Ayn Rand, developer of the philosophy of Objectivism, asserted that a group, as such, has no rights. She maintained that only an individual can possess rights, and therefore the expression "individual rights" is a redundancy, while the expression "collective rights" is a contradiction in terms. In this view, a person can neither acquire new rights by joining a group nor lose the rights which he does possess. Man can be in a group without want or the group minority, without rights. According to this philosophy, individual rights are not subject to a public vote, a majority has no right to vote away the rights of a minority, the political function of rights is precisely to protect minorities from the will of majorities, and the smallest minority on earth is the individual.[7] Rand offers several unique perspectives on rights, holding that 1. ontologically, rights are neither attributes nor conventions but principles of morality, having, therefore, the same epistemic status as any other moral principle; 2. rights "define and sanction man's freedom of action,";[8] 3. as protectors of freedom of action, rights do not mean "entitlements" to be supplied with any goods or services;[9] 4. "Man's rights can be violated only by the use of physical force. It is only by means of physical force that one man can deprive another of his life, or enslave him, or rob him, or prevent him from pursuing his own goals, or compel him to act against his own rational judgment."[10] and 5. rights derive from the mind's needs: for an organism that survives by means of reason, freedom is a survival-requirement:initiated force negates or paralyzes the thinking mind. Rand's overall argument is that rights protect freedom in order to protect reason. "Force and mind are opposites."[11]

Adam Smith, in 1776 in his book An Inquiry into the Nature and Causes of the Wealth of Nations, describes the right of each successive generation, as a group, collectively, to the earth and all the earth possesses.[12] The Declaration of Independence states several group, or collective, rights of the people as well as the states, for example the Right of the People: "whenever any Form of Government becomes destructive of these ends, it is the Right of the People to alter or to abolish it" and the right of the States: "... as Free and Independent States, they have full Power to levy War, conclude Peace, contract Alliances, establish Commerce, and to do all other Acts and Things which Independent States may of right do."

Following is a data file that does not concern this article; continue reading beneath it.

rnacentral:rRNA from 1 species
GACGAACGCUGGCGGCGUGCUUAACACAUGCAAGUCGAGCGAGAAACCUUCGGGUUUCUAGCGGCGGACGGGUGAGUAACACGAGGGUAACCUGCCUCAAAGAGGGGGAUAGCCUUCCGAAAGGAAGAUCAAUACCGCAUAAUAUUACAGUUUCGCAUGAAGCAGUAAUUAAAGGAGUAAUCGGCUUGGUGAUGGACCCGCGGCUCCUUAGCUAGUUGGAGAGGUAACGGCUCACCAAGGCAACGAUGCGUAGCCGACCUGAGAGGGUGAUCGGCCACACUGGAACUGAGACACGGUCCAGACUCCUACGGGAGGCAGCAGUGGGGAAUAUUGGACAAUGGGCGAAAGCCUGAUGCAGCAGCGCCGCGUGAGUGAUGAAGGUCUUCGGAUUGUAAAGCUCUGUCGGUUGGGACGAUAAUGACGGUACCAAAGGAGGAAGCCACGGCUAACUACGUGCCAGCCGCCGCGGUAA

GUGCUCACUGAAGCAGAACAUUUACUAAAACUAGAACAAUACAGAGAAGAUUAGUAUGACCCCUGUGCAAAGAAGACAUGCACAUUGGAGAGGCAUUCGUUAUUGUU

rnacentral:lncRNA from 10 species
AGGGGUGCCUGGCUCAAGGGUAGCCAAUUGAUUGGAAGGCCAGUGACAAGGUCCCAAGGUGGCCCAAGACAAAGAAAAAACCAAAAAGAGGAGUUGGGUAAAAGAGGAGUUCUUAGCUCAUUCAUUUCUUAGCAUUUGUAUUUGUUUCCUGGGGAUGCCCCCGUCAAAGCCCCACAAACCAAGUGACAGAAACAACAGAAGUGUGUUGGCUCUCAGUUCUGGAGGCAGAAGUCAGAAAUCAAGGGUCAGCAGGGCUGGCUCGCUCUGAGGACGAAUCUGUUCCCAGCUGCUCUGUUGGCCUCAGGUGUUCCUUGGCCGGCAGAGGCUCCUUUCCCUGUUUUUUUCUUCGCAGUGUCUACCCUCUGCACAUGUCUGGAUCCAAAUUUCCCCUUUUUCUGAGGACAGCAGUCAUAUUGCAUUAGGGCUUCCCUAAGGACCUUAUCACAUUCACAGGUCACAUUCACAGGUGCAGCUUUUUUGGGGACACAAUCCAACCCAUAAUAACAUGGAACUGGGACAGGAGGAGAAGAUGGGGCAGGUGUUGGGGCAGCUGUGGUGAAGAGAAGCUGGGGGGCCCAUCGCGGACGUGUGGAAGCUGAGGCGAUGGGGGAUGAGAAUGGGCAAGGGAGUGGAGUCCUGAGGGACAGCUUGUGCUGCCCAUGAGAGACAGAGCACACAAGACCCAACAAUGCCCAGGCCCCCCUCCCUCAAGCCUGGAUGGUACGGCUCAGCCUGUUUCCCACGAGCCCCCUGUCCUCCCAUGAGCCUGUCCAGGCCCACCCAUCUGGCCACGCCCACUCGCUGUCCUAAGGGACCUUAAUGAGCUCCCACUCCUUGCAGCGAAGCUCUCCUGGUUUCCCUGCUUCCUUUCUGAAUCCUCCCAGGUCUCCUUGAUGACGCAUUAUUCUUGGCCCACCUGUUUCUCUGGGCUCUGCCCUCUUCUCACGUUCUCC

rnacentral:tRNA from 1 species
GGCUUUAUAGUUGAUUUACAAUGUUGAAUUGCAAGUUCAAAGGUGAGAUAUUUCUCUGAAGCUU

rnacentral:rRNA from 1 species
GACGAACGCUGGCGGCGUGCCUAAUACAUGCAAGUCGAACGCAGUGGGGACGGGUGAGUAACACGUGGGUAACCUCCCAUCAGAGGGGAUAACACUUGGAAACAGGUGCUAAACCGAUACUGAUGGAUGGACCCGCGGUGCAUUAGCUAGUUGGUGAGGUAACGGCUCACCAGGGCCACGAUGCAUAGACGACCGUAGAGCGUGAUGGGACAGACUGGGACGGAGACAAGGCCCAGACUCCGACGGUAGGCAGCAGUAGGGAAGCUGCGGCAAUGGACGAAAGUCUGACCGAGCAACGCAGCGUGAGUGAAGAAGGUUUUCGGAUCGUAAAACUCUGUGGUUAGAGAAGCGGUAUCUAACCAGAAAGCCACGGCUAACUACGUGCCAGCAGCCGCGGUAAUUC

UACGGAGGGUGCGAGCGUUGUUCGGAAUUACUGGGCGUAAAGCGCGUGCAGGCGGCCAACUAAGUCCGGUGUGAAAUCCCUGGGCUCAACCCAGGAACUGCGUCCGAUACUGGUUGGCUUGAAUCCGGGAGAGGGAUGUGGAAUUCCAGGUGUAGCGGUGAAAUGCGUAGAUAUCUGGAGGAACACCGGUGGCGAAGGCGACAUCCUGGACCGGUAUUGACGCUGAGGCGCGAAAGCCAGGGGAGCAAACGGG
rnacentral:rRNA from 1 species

See also[edit]

Further reading[edit]

  • Barzilai, Gad (2003), Communities and Law: Politics and Cultures of Legal Identities. The University of Michigan Press, 2003. Second print 2005. ISBN 0-47211315-1.
  • Mack, Eric (2008). "Individual Rights". In Hamowy, Ronald. The Encyclopedia of Libertarianism. Thousand Oaks, California: SAGE Publications, Cato Institute. pp. 245–247. doi:10.4135/9781412965811.n150. ISBN 978-1-4129-6580-4. LCCN 2008009151. OCLC 750831024.


  1. ^ "Group Rights (Stanford Encyclopedia of Philosophy)". 2008-09-22. Retrieved 2015-03-30.
  2. ^ Jones (2010), p. 39ss
  3. ^ Bisaz (2012), pp. 7–12
  4. ^ The Rational National (2018-05-21), Jordan Peterson Claims ‘Group Rights’ Are Catastrophic, retrieved 2018-06-02
  5. ^ "Charter of the United Nations, Chapter 1: Purposes & Principles". Retrieved 2018-06-02.
  6. ^ a b Jones, Peter (2016). Zalta, Edward N., ed. The Stanford Encyclopedia of Philosophy (Summer 2016 ed.). Metaphysics Research Lab, Stanford University.
  7. ^ "Individual Rights – Ayn Rand Lexicon". Retrieved 2015-03-30.
  8. ^ Rand (1964), p. 110
  9. ^ Rand (1964), pp. 110, 113–17
  10. ^ Rand (1964), p. 126
  11. ^ Rand (1957), p. 1023
  12. ^ Stewart (1811), pp. 85–86


  • Bisaz, Corsin (2012). The Concept of Group Rights in International Law. Groups as Contested Right-Holders, Subjects and Legal Persons. The Raoul Wallenberg Institute of Human Rights Library. 41. Leiden/Boston: Martinus Nijhoff. ISBN 978-9004-22870-2.
  • Jones, Peter (2010). "Cultures, group rights, and group-differentiated rights". In Maria Dimova-Cookson and Peter M. R. Stirk. Multiculturalism and Moral Conflict. Routledge Innovations in Political Theory. 35. New York: Routledge. pp. 38–57. ISBN 0-415-46615-6.CS1 maint: Uses editors parameter (link)
  • Rand, Ayn (1957). Atlas Shrugged. New York.
  • Rand, Ayn (1964). The Virtue of Selfishness. New York.
  • Stewart, Dugald (1811). The Works of Adam Smith. 3. London.

External links[edit]